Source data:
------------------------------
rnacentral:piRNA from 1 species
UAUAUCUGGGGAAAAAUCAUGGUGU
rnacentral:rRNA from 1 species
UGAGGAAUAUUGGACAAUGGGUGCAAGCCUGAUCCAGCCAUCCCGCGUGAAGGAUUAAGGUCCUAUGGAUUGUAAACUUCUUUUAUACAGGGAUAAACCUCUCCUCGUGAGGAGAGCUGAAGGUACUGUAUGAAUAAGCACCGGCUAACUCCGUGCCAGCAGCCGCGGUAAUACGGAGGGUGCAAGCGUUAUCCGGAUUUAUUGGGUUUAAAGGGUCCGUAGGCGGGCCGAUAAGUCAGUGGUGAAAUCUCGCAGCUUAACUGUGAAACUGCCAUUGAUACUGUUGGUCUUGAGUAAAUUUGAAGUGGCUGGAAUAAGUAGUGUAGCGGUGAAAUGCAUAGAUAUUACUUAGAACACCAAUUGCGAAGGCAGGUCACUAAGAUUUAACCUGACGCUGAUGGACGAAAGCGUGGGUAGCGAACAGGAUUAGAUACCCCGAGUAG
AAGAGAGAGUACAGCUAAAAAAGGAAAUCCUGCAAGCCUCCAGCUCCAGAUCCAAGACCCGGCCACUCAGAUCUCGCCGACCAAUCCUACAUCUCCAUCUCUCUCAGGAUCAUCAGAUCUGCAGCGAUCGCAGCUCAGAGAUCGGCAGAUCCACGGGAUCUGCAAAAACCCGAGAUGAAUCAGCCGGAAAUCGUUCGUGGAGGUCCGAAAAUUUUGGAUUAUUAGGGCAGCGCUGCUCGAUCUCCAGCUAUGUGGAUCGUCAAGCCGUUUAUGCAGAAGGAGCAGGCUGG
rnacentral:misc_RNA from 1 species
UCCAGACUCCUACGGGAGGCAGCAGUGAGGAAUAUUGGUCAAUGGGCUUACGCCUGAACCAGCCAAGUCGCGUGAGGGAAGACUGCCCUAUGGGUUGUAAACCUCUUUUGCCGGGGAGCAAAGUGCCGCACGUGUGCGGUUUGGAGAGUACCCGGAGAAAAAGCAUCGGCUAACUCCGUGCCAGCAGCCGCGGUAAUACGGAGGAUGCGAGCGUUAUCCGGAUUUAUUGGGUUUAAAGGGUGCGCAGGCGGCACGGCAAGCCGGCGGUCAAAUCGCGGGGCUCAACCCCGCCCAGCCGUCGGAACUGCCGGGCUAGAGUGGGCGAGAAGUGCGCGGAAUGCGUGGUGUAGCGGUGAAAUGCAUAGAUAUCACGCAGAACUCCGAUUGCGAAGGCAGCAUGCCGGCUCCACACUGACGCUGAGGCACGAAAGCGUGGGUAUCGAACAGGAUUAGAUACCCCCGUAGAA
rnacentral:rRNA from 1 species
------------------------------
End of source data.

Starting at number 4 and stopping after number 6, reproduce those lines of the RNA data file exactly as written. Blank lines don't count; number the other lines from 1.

UGAGGAAUAUUGGACAAUGGGUGCAAGCCUGAUCCAGCCAUCCCGCGUGAAGGAUUAAGGUCCUAUGGAUUGUAAACUUCUUUUAUACAGGGAUAAACCUCUCCUCGUGAGGAGAGCUGAAGGUACUGUAUGAAUAAGCACCGGCUAACUCCGUGCCAGCAGCCGCGGUAAUACGGAGGGUGCAAGCGUUAUCCGGAUUUAUUGGGUUUAAAGGGUCCGUAGGCGGGCCGAUAAGUCAGUGGUGAAAUCUCGCAGCUUAACUGUGAAACUGCCAUUGAUACUGUUGGUCUUGAGUAAAUUUGAAGUGGCUGGAAUAAGUAGUGUAGCGGUGAAAUGCAUAGAUAUUACUUAGAACACCAAUUGCGAAGGCAGGUCACUAAGAUUUAACCUGACGCUGAUGGACGAAAGCGUGGGUAGCGAACAGGAUUAGAUACCCCGAGUAG
AAGAGAGAGUACAGCUAAAAAAGGAAAUCCUGCAAGCCUCCAGCUCCAGAUCCAAGACCCGGCCACUCAGAUCUCGCCGACCAAUCCUACAUCUCCAUCUCUCUCAGGAUCAUCAGAUCUGCAGCGAUCGCAGCUCAGAGAUCGGCAGAUCCACGGGAUCUGCAAAAACCCGAGAUGAAUCAGCCGGAAAUCGUUCGUGGAGGUCCGAAAAUUUUGGAUUAUUAGGGCAGCGCUGCUCGAUCUCCAGCUAUGUGGAUCGUCAAGCCGUUUAUGCAGAAGGAGCAGGCUGG
rnacentral:misc_RNA from 1 species